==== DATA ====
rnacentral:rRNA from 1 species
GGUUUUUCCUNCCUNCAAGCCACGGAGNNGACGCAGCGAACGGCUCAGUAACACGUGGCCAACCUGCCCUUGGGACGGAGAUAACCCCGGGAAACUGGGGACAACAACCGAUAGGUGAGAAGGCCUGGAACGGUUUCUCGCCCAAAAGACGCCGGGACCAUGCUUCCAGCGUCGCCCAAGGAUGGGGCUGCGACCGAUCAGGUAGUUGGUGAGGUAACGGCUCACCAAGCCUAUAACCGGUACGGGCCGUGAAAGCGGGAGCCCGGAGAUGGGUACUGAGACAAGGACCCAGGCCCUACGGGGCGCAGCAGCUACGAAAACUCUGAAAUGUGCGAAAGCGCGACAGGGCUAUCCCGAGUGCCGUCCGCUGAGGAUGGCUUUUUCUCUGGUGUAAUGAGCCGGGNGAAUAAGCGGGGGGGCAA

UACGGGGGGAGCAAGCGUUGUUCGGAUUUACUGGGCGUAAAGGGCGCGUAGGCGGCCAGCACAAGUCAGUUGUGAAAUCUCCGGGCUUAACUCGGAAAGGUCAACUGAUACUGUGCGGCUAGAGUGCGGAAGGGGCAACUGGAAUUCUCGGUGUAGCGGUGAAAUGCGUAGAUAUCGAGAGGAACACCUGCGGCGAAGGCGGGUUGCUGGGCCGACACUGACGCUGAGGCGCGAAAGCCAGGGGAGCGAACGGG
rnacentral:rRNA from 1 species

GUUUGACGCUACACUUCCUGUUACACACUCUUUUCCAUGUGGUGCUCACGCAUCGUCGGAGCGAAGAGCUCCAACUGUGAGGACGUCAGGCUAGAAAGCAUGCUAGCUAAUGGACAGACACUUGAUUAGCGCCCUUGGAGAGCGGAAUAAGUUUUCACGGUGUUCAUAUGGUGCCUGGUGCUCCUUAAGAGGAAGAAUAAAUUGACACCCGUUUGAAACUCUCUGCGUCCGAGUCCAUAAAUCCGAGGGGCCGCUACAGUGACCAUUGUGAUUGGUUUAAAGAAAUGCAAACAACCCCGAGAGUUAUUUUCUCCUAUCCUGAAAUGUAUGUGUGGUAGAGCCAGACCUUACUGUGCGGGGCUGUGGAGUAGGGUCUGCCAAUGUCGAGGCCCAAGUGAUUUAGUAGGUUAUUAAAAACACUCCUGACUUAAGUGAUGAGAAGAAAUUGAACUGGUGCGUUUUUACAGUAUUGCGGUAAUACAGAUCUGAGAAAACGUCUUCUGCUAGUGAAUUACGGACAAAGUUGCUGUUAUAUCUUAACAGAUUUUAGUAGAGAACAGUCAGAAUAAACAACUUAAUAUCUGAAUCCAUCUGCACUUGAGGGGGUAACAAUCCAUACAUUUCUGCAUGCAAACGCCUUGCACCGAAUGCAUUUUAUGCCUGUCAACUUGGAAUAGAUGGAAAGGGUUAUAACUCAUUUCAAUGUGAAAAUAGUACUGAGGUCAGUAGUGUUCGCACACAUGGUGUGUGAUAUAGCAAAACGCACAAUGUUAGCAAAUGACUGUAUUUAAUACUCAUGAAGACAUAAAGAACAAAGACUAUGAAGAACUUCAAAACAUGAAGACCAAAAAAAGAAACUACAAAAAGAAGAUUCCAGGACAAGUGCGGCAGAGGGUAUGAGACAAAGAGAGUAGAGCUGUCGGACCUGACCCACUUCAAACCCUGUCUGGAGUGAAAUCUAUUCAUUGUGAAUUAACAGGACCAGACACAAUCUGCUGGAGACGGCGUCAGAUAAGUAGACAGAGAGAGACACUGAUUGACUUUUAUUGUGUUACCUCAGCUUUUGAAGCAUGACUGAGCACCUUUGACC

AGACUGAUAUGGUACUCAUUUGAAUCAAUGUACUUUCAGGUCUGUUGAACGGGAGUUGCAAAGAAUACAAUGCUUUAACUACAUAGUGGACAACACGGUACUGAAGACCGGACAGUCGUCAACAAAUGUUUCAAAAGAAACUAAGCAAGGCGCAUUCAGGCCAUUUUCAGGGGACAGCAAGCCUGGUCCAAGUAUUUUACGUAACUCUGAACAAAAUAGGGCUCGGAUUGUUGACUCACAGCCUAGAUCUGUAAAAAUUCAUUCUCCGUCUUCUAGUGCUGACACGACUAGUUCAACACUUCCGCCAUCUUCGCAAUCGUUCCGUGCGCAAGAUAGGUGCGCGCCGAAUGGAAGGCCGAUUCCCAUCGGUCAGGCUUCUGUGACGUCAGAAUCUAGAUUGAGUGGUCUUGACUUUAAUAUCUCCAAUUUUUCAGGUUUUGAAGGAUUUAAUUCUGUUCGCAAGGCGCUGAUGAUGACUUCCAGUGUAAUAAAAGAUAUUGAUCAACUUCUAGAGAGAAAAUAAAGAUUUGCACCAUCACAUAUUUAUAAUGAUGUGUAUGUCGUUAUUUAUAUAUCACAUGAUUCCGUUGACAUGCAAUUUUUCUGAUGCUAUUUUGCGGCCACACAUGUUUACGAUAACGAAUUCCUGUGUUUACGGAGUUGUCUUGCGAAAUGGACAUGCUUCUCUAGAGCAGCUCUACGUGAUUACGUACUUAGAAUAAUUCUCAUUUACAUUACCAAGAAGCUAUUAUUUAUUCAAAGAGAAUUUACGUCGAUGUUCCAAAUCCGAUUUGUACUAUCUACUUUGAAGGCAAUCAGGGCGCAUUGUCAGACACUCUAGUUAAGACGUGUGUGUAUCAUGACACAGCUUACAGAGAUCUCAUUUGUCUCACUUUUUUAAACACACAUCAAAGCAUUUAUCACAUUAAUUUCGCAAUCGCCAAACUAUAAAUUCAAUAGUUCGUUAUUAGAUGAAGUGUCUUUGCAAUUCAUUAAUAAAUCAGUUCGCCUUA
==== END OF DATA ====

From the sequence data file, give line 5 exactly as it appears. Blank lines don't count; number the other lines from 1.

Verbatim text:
GUUUGACGCUACACUUCCUGUUACACACUCUUUUCCAUGUGGUGCUCACGCAUCGUCGGAGCGAAGAGCUCCAACUGUGAGGACGUCAGGCUAGAAAGCAUGCUAGCUAAUGGACAGACACUUGAUUAGCGCCCUUGGAGAGCGGAAUAAGUUUUCACGGUGUUCAUAUGGUGCCUGGUGCUCCUUAAGAGGAAGAAUAAAUUGACACCCGUUUGAAACUCUCUGCGUCCGAGUCCAUAAAUCCGAGGGGCCGCUACAGUGACCAUUGUGAUUGGUUUAAAGAAAUGCAAACAACCCCGAGAGUUAUUUUCUCCUAUCCUGAAAUGUAUGUGUGGUAGAGCCAGACCUUACUGUGCGGGGCUGUGGAGUAGGGUCUGCCAAUGUCGAGGCCCAAGUGAUUUAGUAGGUUAUUAAAAACACUCCUGACUUAAGUGAUGAGAAGAAAUUGAACUGGUGCGUUUUUACAGUAUUGCGGUAAUACAGAUCUGAGAAAACGUCUUCUGCUAGUGAAUUACGGACAAAGUUGCUGUUAUAUCUUAACAGAUUUUAGUAGAGAACAGUCAGAAUAAACAACUUAAUAUCUGAAUCCAUCUGCACUUGAGGGGGUAACAAUCCAUACAUUUCUGCAUGCAAACGCCUUGCACCGAAUGCAUUUUAUGCCUGUCAACUUGGAAUAGAUGGAAAGGGUUAUAACUCAUUUCAAUGUGAAAAUAGUACUGAGGUCAGUAGUGUUCGCACACAUGGUGUGUGAUAUAGCAAAACGCACAAUGUUAGCAAAUGACUGUAUUUAAUACUCAUGAAGACAUAAAGAACAAAGACUAUGAAGAACUUCAAAACAUGAAGACCAAAAAAAGAAACUACAAAAAGAAGAUUCCAGGACAAGUGCGGCAGAGGGUAUGAGACAAAGAGAGUAGAGCUGUCGGACCUGACCCACUUCAAACCCUGUCUGGAGUGAAAUCUAUUCAUUGUGAAUUAACAGGACCAGACACAAUCUGCUGGAGACGGCGUCAGAUAAGUAGACAGAGAGAGACACUGAUUGACUUUUAUUGUGUUACCUCAGCUUUUGAAGCAUGACUGAGCACCUUUGACC